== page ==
- The Washington Times - Thursday, November 5, 2015

House Republicans accused the administration Thursday of throwing good money after bad to bolster Obamacare’s co-ops even when it should have been clear they were struggling and would be unable to survive.

All told, 12 of the 23 co-ops set up under the Affordable Care Act have failed, including six that got an infusion of emergency cash in late 2014 but still went under. Among those were the Nebraska-Iowa co-op and programs in New York and Kentucky.

“At the time of the awards, these three insurers were operating at substantial losses that seemingly stemmed from poorly pricing their products,” said Sen. Ben Sasse, Nebraska Republican who traversed Capitol Hill to testify before the House Energy and Commerce Committee.

State regulators have shut down the co-ops at an astonishing clip in recent weeks, setting off a new round of recriminations on Capitol Hill, where Republicans say they’re unsure if taxpayers will recoup $1.2 billion in loans the government issued to the failed enterprises.

Mr. Sasse said the failure of New York’s program has sent consumers scrambling to find coverage by Nov. 30, when the co-op will close down — a month earlier than anticipated.

Dr. Mandy Cohen, chief operating officer at the Centers for Medicare and Medicaid Services, said they carefully vetted the New York program’s request for an extra $91 million.

SEE ALSO: More than half of Obamacare co-ops go belly up

“Our independent expert panel, who reviews these, felt that a further investment in the New York co-op was the right decision,” she said.

She also vowed her agency will be “good stewards of taxpayer dollars.

“The co-ops, or Consumer Operated and Oriented Plans, were set up as nonprofit alternatives to the policies offered by for-profit insurers when the Affordable Care Act’s exchanges opened for business.

State regulators and co-op officials told Congress the plans were hampered by a mix of factors.

The administration had hoped to have $6 billion in taxpayer money to help struggling programs cover costs, but Congress cut the startup money to $2.4 billion and prohibited the co-ops from taxpayer money to market themselves.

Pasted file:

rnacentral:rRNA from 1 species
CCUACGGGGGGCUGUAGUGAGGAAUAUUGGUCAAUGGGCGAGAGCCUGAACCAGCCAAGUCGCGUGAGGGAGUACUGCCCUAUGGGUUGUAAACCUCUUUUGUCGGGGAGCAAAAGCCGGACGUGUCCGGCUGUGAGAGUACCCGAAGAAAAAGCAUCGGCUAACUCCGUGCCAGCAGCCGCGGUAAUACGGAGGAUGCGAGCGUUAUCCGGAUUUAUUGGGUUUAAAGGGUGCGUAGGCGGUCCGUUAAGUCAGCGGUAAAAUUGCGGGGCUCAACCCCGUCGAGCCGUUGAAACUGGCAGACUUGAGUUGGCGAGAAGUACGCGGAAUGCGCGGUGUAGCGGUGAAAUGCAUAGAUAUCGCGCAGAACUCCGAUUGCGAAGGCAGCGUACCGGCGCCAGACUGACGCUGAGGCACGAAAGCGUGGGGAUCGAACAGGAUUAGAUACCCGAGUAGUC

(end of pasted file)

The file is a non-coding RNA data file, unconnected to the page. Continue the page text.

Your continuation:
The co-ops struggled for market share and couldn’t meet their own goals of offering plans with low premiums, while still covering customers needs.

SEE ALSO: Obama not to blame for GOP victories, White House says

Louisiana Insurance Commissioner James Donelon said the co-op idea was well-intentioned, but the plans were starting from scratch in a very complex market dominated by established companies. Louisiana’s now-defunct co-op attracted just 9,000 customers in its first year, or 19,000 short of the goal in its loan agreement with the administration.

“In hindsight, I’ve analogized it to being similar to learning how to sail in a hurricane,” he testified. “It truly was not possible, in my judgment, to succeed under those circumstances.

“For some, the news isn’t all bad. Peter Beilenson, president and CEO of Evergreen Health Cooperative in Maryland, said his co-op is in good standing because it has a diverse pool of enrollees and was “nimble” enough to navigate choppy waters.

“This can be a profitable mechanism,” he testified.Program supporters said some of the failed co-ops could have been profitable if the government had lived up to its own promises. But insurers found out this fall they would only receive a fraction of what they were expecting from a risk-adjustment formula intended to compensate them against heavy losses under Obamacare.

“For some co-ops, this was the fatal blow,” said John Morrison, vice chairman of Montana’s co-op. Congress made the risk corridor program budget neutral, meaning insurers lost out when claims for funding far exceeded the amounts that well-performing insurers paid into the program.

House Democrats said Congress could have stepped in to buoy the co-ops and foster competition, but that Republicans were all too happy to see a piece of Obamacare falter.

Rep. Chris Collins, New York Republican, said the co-ops had themselves to blame, low-balling their prices and expecting the federal government to swoop in and bail them out.

“I feel sorry for the American taxpayers, who are bearing this financial burden, who were deceived from day one,” he said. “And it’s all coming home to roost.”

• Tom Howell Jr. can be reached at thowell@washingtontimes.com.

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